The Telegraph
Wednesday , December 26 , 2012
Since 1st March, 1999
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Students cry police torture

New Delhi, Dec. 25: Again and again, the 19-year-old dialled the number of the Delhi police women’s unit. There was no response.

Then she tweeted: “…terrified please help”.

Shambhavi Saxena was terrified. Earlier in the afternoon, a policewoman had apparently dragged the student of English honours by her hair into Parliament Street police station.

Her crime? According to the police, she was part of a group of 20 people, mostly school students, who were inciting crowds at Jantar Mantar and were marching towards Parliament Street where prohibitory orders were in force.

The alleged police action against Shambhavi — and some of the others — came on a day a Delhi cop succumbed to injuries suffered during the anti-rape protests in the capital.

The police said the girls were detained and kept in “preventive custody” but not roughed up.

Police sources present inside the police station, however, said the girls had indeed been roughed up — “but only by female cops”.

The sources said the girls were detained around 3 in the afternoon and released around 6.45pm.

Under sections 46(4) and 160 of the Criminal Procedure Code, the police cannot arrest or detain a woman between dusk and dawn. In winter, dusk would have fallen well before 6pm.

The girls, all between 16 and 19, some of whom were accompanied by their mothers, were hauled to the police station and allegedly locked up in a room before being allowed to go after nearly four hours.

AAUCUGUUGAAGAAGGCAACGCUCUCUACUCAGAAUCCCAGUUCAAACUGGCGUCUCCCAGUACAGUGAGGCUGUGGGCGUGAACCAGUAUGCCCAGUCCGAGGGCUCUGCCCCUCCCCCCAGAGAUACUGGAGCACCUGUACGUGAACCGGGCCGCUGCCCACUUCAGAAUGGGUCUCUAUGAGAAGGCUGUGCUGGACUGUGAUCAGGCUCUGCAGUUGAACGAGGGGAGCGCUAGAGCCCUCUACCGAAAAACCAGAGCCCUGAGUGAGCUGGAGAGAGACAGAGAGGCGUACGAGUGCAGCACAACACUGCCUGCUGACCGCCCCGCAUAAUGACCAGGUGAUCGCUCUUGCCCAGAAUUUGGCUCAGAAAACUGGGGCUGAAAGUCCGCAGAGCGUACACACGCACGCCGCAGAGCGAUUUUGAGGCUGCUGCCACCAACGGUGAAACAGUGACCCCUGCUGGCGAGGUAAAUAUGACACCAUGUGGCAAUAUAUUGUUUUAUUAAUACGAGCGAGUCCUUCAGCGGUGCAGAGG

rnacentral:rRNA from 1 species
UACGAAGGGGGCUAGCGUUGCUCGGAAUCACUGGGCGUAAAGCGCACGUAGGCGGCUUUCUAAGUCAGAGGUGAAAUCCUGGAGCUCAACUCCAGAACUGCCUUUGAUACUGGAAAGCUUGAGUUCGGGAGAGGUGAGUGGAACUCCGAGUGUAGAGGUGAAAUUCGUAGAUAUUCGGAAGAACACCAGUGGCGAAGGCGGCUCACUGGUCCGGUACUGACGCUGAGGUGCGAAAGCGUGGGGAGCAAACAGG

Shambhavi, whose tweets perhaps led to their release, recounted their experience after the cops realised the matter was out in the media. “They called us names, threatened us and beat us up,” she told The Telegraph just after she had been let off.

“We don’t know what we did. We were all girls, peacefully protesting. They didn’t even have the decency to tell us what they were picking us up for. They told us not to tell anyone once we were outside what happened with us.”

A 16-year-old, one of those detained, said their mobile phones were taken away. “They took down our names and addresses and even the contact details of our fathers, giving us a veiled threat that if we opened our mouths, they would do more than just slap us around,” said the girl who had bruises on her face and shivered in the winter evening chill as she stood outside the police station after being released.

One woman constable, she said, told them “yahan law nahi chalta (the law doesn’t work here)”.

Among those detained was another 16-year-old who had been protesting against the bus gang rape for the past three days and whose parents are currently out of Delhi.

“I have been coming here every day. Never have I been violent. I don’t know why this happened to us. They wouldn’t even tell us why they were treating us like this. Some of the parents who had turned up to take their kids were threatened with dire consequences if they allowed their daughters to be at any protest from now on,” she said.

Shambhavi, a student of Lady Shri Ram College for Women, is a volunteer activist with Greenpeace India and describes herself as a wildlife lover on her Facebook page.

Her last tweets before her detention reflected her anger at political parties. “Don’t let this movement be hijacked or split into factions. This is student agitation not a mob, please. If you are here, be here as concerned parents, children, siblings. Not for political mileage. Protesters booing (BJP youth wing) ABVP and political hand in these protests. STAY OUT OF OUR PROTESTS!” she tweeted from Jantar Mantar hours before she was hauled off to the police station.

Her 47-year-old mother, who was with her at the protests, was so shaken by the police action that she couldn’t even give her name. “Just save my daughter, please,” she cried. “Don’t let them harm her.”

Shambhavi said the cops also told them they would be released only if they signed a document saying that they (the girls) had turned violent.

“Police were trying to get us to admit we were wrong,” she had tweeted from inside the police station. “They were the ones who were violent. Police pushed a barricade on one woman, ripped her clothes and dragged her away. This is safety, Mr Singh?”